Contexts and Connections: An Intersubjective Systems Approach to Couples Therapy

Contexts and Connections: An Intersubjective Systems Approach to Couples Therapy

Contexts and Connections: An Intersubjective Systems Approach to Couples Therapy

Contexts and Connections: An Intersubjective Systems Approach to Couples Therapy

Synopsis

Dr. David Shapiro's first new book in ten years, Dynamics of Character deepens his now-classic studies of psychopathology with this conceptualization of a dynamics of the whole character -- a self-regulatory system that encompasses personal attitudes, modes of activity, and relationship with the external world. Extending and magnifying Shapiro's original vision of psychopathology, Dynamics of Character is a resonantly reasoned response to the reduction of complex processes of mind to products of biological defect of psychological trauma.

Excerpt

The central theme of this book is inclusion--in particular, the inclusion of the therapist's own subjectivity as a constituent part of the patient's ongoing psychological life and the inclusion of the patient's intimate relationships as part of the focus of psychotherapy. At a more general level, it is about the inclusion of ever-widening contexts--historical, relational and societal--in our understanding of personal experience.

Twentieth-century science, in narrowing its gaze to isolated atoms and genes, brought us remarkable gifts. Classical psychoanalysis, by excluding "extraneous" details of a patient's life and focusing on mental products unmediated by conscious control--dreams, fantasies, transference--was able to illuminate the unknown world of the unconscious. But there was a liability: by excluding from our purview the lived contexts of atoms and genes-- and minds--we missed the actual effects of our cleverness and good intentions in the real world. As the poet William Carlos Williams (1963) wrote, "Divorce / is the sign of knowledge in our time" (p. 28).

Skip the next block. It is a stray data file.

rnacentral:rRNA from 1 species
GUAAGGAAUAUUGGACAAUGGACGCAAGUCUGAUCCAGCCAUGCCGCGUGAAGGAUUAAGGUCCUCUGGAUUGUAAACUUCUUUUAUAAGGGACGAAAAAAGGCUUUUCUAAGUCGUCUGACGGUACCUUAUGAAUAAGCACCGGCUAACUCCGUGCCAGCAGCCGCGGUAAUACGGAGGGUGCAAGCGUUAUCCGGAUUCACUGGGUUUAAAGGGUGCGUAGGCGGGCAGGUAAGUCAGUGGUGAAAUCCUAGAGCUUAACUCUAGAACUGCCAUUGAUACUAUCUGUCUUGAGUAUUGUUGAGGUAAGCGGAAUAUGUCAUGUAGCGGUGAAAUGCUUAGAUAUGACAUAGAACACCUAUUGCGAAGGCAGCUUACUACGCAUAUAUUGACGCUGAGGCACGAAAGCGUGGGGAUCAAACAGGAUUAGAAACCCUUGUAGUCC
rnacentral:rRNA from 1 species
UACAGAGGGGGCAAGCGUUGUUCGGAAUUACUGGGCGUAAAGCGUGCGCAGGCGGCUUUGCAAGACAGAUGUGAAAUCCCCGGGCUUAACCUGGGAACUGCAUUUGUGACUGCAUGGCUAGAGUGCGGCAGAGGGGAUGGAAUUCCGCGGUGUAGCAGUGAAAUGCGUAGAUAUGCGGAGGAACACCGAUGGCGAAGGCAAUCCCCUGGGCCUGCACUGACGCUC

Such "divorce" begins in what Robert Stolorow and George Atwood (1992) call "the myth of the isolated mind" in which "the individual exists separate from the world of physical nature and also from engagement with others"(p. 7); it manifests in lives rent asunder by the continuing high rate of marital failures.

It has been my passion, both personally and professionally, to try to alter this climate of divorce in all of its meanings and manifestations. As a therapist I have been drawn to work with couples and families, and to theories that value connection as the central organizing principle in our lives-- specifically, to the phenomenological, experience-near theories of self psychology and intersubjectivity, which seek to overcome the gap between theoretical abstraction and empathic immersion in our patients' lives.

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